Having continued to battle the integration challenges of bringing all the automation elements together, I was thrilled to capture my first truly automated image. While the image itself is a great example of bloated stars, poor guiding, and other faults, it was taken without any intervention on my part.
Comet 103P/Hartley 2
The image is of Comet 103P / Hartley 2. It was simple unguided image of 120 seconds with no filters. However, it was the process that was exciting for me.
Since I wanted to image the comet, I had to find the where it was in the sky, as the comet wasn't in my usual list of regular objects. So I opened Starry Night, my planetarium software, and searched for the comet after downloading the latest data. Finding it, I simply right-clicked and said "Add to ACP Plan." This brought up ACP Planner, where I created the plan for a single 120 second image, with no additional focusing, and no filters. The plan was automatically fed to the ACP site running on my internal web server, where it was ready for execution.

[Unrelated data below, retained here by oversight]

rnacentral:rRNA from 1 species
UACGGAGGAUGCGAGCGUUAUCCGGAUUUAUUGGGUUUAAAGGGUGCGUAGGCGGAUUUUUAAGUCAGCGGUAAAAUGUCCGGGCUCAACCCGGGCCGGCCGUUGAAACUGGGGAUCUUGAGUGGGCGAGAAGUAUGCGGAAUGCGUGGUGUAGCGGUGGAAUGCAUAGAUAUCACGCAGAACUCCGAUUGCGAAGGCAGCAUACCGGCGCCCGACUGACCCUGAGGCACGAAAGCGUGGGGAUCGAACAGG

Selecting the plan from the menu, I simply told ACP to go execute the plan. ACP aimed the scope in the direction of the comet, took a pointing image to make sure the scope tracking was accurate, and then to my surprise, it solved the plate! It was the first time I was able to do a plate solve, which means ACP knew exactly where the scope was pointing in the sky. It then slewed the scope a little further to get to the place in the sky I told it to go, and began to take the image. I couldn't tell what it was imaging until after the image was downloaded, but when it was done the comet appeared on my screen. I couldn't believe it!
While the image is not very good at all, it's still an image of a comet, and it's the first time I've actually glued the pieces together. Now I can focus on getting the "little" things like focusing and guiding fixed, and making truly beautiful images.